July 15, 2012
Who's better, Larry Walker or Joey Votto?
By Bob Elliott, QMI Agency
After Tony La Russa had managed his final, final game Tuesday in Kansas City, he was asked how much he’d seen of Joey Votto?
“Too much,” said La Russa who went out on top winning Game 7 of the World Series over the Texas Rangers.
And he was undefeated this summer, managing the National League to an 8-0 win over the AL in Kansas City.
“Joey Votto is a great talent and a great run producer,” said La Russa after watching Votto hit .295 with 12 doubles, two triples and 25 RBIs in 59 games against the Cardinals from 2007-to-2011.
“Dave McKay, our first base coach, used to come into the dugout and tell we what a solid person he is, from the two of them talking with each other between innings.”
La Russa said it was the same during the two-day, all-star game event.
One coach after another approached him -- New York Mets manager Terry Collins, Milwaukee Brewers Ron Roenicke -- about Votto’s saying “hey did you notice this ...”
Sometimes it was work ethic, how a respectful person he was or how he was a student of the game.
“Albert Pujols told me for years what a special player Joey was,” said La Russa.
Both Pujols and Votto are represented by agent Dan Lozano.
This season Votto is hitting .364 (8-for-22) against La Russa’s old team, the Cardinals.
Votto is not the first Canadian left-handed hitter La Russa admired.
On Larry Walker’s final visit north of the border as a major leaguer, in June of 2005, he was sitting playing cards with Reggie Sanders in the Cardinals clubhouse at the Rogers Centre.
La Russa walked by with a newspaper saying to Walker: “Someone wrote that YOU were the best ever position player from Canada? I can think of three better.”
Walker shrugged and played his card.
La Russa told Walker, Terry Puhl, Kevin Reimer and Rob Ducey were all better than Walker.
Later in his office, La Russa said “he’s so much fun to tease and joke with.”
“Walker is not only the greatest Canadian position player, he ranks with the best position players of his era from Latin America and North America,” La Russa said way back in 2005.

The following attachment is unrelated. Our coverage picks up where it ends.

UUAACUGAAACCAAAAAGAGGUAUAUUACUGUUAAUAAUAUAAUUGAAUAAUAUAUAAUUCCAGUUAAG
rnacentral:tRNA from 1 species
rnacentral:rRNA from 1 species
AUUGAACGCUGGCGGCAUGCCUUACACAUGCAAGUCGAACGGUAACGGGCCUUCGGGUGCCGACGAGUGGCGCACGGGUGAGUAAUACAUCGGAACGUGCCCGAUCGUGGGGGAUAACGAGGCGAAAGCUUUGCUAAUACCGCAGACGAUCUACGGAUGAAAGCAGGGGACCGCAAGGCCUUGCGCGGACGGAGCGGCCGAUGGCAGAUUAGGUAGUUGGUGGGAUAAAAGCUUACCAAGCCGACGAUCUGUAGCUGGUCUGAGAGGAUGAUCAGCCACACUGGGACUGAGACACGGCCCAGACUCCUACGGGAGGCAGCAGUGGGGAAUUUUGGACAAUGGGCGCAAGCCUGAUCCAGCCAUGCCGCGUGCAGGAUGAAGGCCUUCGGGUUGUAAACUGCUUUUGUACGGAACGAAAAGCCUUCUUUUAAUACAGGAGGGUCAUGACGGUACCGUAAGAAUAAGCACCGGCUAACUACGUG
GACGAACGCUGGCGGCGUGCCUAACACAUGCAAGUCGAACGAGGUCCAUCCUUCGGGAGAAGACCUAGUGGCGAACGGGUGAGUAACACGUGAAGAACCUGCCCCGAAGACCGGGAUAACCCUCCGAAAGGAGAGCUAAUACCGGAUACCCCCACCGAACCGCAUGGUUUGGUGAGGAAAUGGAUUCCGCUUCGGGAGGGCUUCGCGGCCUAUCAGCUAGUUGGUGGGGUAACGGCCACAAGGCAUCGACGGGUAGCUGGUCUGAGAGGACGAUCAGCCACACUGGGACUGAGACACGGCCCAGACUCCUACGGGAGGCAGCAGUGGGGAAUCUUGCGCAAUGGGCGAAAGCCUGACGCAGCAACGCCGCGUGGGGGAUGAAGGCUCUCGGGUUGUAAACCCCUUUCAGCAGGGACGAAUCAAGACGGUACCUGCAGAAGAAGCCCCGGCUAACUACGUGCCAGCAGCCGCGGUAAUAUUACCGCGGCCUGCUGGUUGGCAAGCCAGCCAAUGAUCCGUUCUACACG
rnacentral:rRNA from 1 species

The people at baseball-reference.com compare Votto and his numbers at age 27 to the likes of Jeff Bagwell, Matt Holliday, Lance Berkman, Wally Berger, Mo Vaughn and Adrian Gonzalez.
When Walker was 27, in 1994, three years before his MVP, he was compared to the likes of Leon Durham, Jermaine Dye, Danny Tartabull, Hunter Pence and Tony Perez.
Now that his career is over, Walker compares to the careers of Duke Snider, Ellis Burks, Moises Alou, Jim Edmonds, Joe DiMaggio, Johnny Mize, Vladimir Guerrero, Todd Helton, Chuck Klein and Pujols.
Snider, DiMaggio, Klein and Perez are all in the Cooperstown, while voters punish Walker for his hitting prowess in Denver -- he was named on 23% of the Baseball Writers of America Association ballots for the Hall of Fame in January.
Isn’t a slugger supposed to take advantage of his home field advantage?
Walker won an MVP award in 1997.
Votto won an MVP in 2010 and this spring was given a 10-year $250 million contract extension.
So, who is the better player?
Walker or Votto?
“Wow,” said La Russa, “that’s a great question.”
“Finally,” I replied, “after all these years,”
La Russa is the studious type and didn’t proceed equally.
“Larry was a complete player, he’d steal bases, threw the ball well to the bases,” said La Russa. “Votto is one of the toughest outs and he’s a good first baseman.”
La Russa had Walker coach with the Cards during the spring of 2006.
“I’d ask him to work with base runners and Larry would say ‘I just run,’ then we’d ask him to work with the outfielder and he’s say ‘I just get the ball and throw it.’ I think he may have been having some fun with us -- he was no dummy, he knew how to play the game.”
The Cardinals beat the Detroit Tigers in 2006 World Series and La Russa made sure that Walker was given a ring the next year.
Walker handled the gesture in Walker fashion saying: “I play 17 seasons and never win a World Series ring, then my first year not playing I get one.”
Walker or Votto, who is the better player?
“I think,” said La Russa, “the fact we are having this conversation tells you how really great a player Votto is.”